“Yes, five million gallons a day come up into Lea Lake,” Joe said. “They go out through that ditch over there, and we have overflow culverts too. From there, they go into wetlands, through BLM lands, and eventually on into Texas.”
I couldn’t believe it. Lea Lake, the largest of the eight Bottomless lakes, is about 15 acres in size and said to be about 90 feet deep despite the “bottomless” nomenclature. I had found Joe and Blake, two of the Park Rangers at Bottomless Lakes working near our motorhome, and I was asking them how there could be so much water passing through. Evidently, it came from mountains some distance to the west, got down into the water table, and found its way up right at the lake we were standing next to.
“Right over there,” Joe said, nodding at an area across the lake. “The water comes in at about 40 feet down.” Kelly and I had seen the small ditch it leaves through. Water was moving fairly swiftly but the ditch wasn’t large.
“Didn’t the drought affect it?” I asked. It’s been quite a few years of drought in the this part of New Mexico, even though this year the rains were good.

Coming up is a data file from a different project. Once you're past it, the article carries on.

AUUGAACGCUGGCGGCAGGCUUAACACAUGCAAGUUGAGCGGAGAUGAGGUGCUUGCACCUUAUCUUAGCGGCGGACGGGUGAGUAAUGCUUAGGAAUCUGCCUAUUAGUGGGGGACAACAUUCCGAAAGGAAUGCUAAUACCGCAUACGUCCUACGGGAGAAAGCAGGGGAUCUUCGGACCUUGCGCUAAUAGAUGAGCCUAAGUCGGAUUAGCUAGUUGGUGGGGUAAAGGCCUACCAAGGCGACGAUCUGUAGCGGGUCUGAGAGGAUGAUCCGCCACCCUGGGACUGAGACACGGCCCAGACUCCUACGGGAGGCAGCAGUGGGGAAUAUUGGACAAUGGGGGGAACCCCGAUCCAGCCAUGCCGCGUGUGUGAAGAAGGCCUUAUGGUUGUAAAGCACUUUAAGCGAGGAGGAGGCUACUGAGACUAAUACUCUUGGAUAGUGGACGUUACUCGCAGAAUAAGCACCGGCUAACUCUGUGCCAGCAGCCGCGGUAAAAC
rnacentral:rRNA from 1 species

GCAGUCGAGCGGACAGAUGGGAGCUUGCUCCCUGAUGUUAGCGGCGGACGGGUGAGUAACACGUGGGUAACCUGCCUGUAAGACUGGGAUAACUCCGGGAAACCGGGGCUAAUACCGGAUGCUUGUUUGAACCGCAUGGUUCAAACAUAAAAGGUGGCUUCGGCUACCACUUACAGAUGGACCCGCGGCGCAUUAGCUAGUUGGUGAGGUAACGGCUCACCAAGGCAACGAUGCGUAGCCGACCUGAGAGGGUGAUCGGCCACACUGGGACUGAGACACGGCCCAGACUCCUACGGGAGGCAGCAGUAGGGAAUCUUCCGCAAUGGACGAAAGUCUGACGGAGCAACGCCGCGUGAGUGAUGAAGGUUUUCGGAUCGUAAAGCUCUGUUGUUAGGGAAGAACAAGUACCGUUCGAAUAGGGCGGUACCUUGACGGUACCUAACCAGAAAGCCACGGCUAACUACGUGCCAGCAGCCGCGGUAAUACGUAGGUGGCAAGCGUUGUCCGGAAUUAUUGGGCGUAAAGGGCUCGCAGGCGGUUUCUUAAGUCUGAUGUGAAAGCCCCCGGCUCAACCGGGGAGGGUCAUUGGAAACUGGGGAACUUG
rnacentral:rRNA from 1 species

“Yes, it’s been registered at 14 million gallons in the past, and once at 24 million,” Joe said. My mind was boggled.
In the summers, Lea Lake can have 2,000 visitors a day, as it’s a very popular swimming and scuba diving area. The water is exceptionally clear.
Both Joe–the superintendent–and Blake said that as well as having duties related to running the park, they are law enforcement officers, trained at the police academy and with full law enforcement powers. “I feel safe in the parks,” I commented, and they agreed that the state parks are very safe.
“What’s that old tower?” I asked. It had been a water tower, with a water tank on top.
I had more questions, and they answered them all. When I apologized for having so many, they said answering them was part of the job.
As I headed back to our motorhome, parked at the end of what is the lakeside day use area in the summer, but available for camping in the off-season, I said that we had the prettiest campsite in the park. “Yes, you do!” Joe agreed.